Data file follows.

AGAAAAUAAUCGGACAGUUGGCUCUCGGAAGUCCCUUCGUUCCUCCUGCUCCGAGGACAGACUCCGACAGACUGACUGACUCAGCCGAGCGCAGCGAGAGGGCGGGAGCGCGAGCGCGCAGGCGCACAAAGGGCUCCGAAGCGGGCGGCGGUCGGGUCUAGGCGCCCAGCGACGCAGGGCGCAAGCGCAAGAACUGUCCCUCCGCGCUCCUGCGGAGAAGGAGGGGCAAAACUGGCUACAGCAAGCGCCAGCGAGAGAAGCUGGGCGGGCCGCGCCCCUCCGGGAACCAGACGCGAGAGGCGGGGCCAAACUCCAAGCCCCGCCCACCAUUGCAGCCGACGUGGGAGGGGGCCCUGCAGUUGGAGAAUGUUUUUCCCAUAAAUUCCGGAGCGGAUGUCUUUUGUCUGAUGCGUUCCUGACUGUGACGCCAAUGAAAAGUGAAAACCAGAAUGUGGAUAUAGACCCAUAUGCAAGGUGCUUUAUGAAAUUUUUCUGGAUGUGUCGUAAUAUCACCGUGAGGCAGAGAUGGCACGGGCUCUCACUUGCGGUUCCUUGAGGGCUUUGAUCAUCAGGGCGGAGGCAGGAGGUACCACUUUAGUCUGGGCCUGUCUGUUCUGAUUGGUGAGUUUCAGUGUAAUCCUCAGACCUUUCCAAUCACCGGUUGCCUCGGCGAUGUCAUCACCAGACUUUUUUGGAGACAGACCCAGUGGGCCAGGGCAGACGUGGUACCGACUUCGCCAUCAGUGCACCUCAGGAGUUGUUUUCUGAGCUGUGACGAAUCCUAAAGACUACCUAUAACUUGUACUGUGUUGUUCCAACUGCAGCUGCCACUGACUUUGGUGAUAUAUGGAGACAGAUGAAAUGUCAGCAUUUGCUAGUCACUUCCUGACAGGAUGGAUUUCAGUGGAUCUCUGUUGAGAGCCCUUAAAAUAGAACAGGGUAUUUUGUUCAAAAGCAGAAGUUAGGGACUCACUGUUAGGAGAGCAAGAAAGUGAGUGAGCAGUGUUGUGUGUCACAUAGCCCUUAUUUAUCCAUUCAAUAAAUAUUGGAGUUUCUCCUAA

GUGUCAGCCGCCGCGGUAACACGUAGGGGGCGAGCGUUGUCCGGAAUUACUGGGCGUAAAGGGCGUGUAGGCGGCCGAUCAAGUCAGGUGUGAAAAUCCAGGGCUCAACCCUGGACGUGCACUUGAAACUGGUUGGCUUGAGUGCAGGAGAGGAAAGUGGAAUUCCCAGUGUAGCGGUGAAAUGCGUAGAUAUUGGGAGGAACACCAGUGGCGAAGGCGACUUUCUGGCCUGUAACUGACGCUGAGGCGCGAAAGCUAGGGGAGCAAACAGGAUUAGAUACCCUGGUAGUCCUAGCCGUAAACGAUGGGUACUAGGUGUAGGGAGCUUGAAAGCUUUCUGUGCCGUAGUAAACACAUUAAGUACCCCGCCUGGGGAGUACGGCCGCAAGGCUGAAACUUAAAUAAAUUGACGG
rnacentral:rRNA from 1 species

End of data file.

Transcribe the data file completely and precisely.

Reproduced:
AGAAAAUAAUCGGACAGUUGGCUCUCGGAAGUCCCUUCGUUCCUCCUGCUCCGAGGACAGACUCCGACAGACUGACUGACUCAGCCGAGCGCAGCGAGAGGGCGGGAGCGCGAGCGCGCAGGCGCACAAAGGGCUCCGAAGCGGGCGGCGGUCGGGUCUAGGCGCCCAGCGACGCAGGGCGCAAGCGCAAGAACUGUCCCUCCGCGCUCCUGCGGAGAAGGAGGGGCAAAACUGGCUACAGCAAGCGCCAGCGAGAGAAGCUGGGCGGGCCGCGCCCCUCCGGGAACCAGACGCGAGAGGCGGGGCCAAACUCCAAGCCCCGCCCACCAUUGCAGCCGACGUGGGAGGGGGCCCUGCAGUUGGAGAAUGUUUUUCCCAUAAAUUCCGGAGCGGAUGUCUUUUGUCUGAUGCGUUCCUGACUGUGACGCCAAUGAAAAGUGAAAACCAGAAUGUGGAUAUAGACCCAUAUGCAAGGUGCUUUAUGAAAUUUUUCUGGAUGUGUCGUAAUAUCACCGUGAGGCAGAGAUGGCACGGGCUCUCACUUGCGGUUCCUUGAGGGCUUUGAUCAUCAGGGCGGAGGCAGGAGGUACCACUUUAGUCUGGGCCUGUCUGUUCUGAUUGGUGAGUUUCAGUGUAAUCCUCAGACCUUUCCAAUCACCGGUUGCCUCGGCGAUGUCAUCACCAGACUUUUUUGGAGACAGACCCAGUGGGCCAGGGCAGACGUGGUACCGACUUCGCCAUCAGUGCACCUCAGGAGUUGUUUUCUGAGCUGUGACGAAUCCUAAAGACUACCUAUAACUUGUACUGUGUUGUUCCAACUGCAGCUGCCACUGACUUUGGUGAUAUAUGGAGACAGAUGAAAUGUCAGCAUUUGCUAGUCACUUCCUGACAGGAUGGAUUUCAGUGGAUCUCUGUUGAGAGCCCUUAAAAUAGAACAGGGUAUUUUGUUCAAAAGCAGAAGUUAGGGACUCACUGUUAGGAGAGCAAGAAAGUGAGUGAGCAGUGUUGUGUGUCACAUAGCCCUUAUUUAUCCAUUCAAUAAAUAUUGGAGUUUCUCCUAA

GUGUCAGCCGCCGCGGUAACACGUAGGGGGCGAGCGUUGUCCGGAAUUACUGGGCGUAAAGGGCGUGUAGGCGGCCGAUCAAGUCAGGUGUGAAAAUCCAGGGCUCAACCCUGGACGUGCACUUGAAACUGGUUGGCUUGAGUGCAGGAGAGGAAAGUGGAAUUCCCAGUGUAGCGGUGAAAUGCGUAGAUAUUGGGAGGAACACCAGUGGCGAAGGCGACUUUCUGGCCUGUAACUGACGCUGAGGCGCGAAAGCUAGGGGAGCAAACAGGAUUAGAUACCCUGGUAGUCCUAGCCGUAAACGAUGGGUACUAGGUGUAGGGAGCUUGAAAGCUUUCUGUGCCGUAGUAAACACAUUAAGUACCCCGCCUGGGGAGUACGGCCGCAAGGCUGAAACUUAAAUAAAUUGACGG
rnacentral:rRNA from 1 species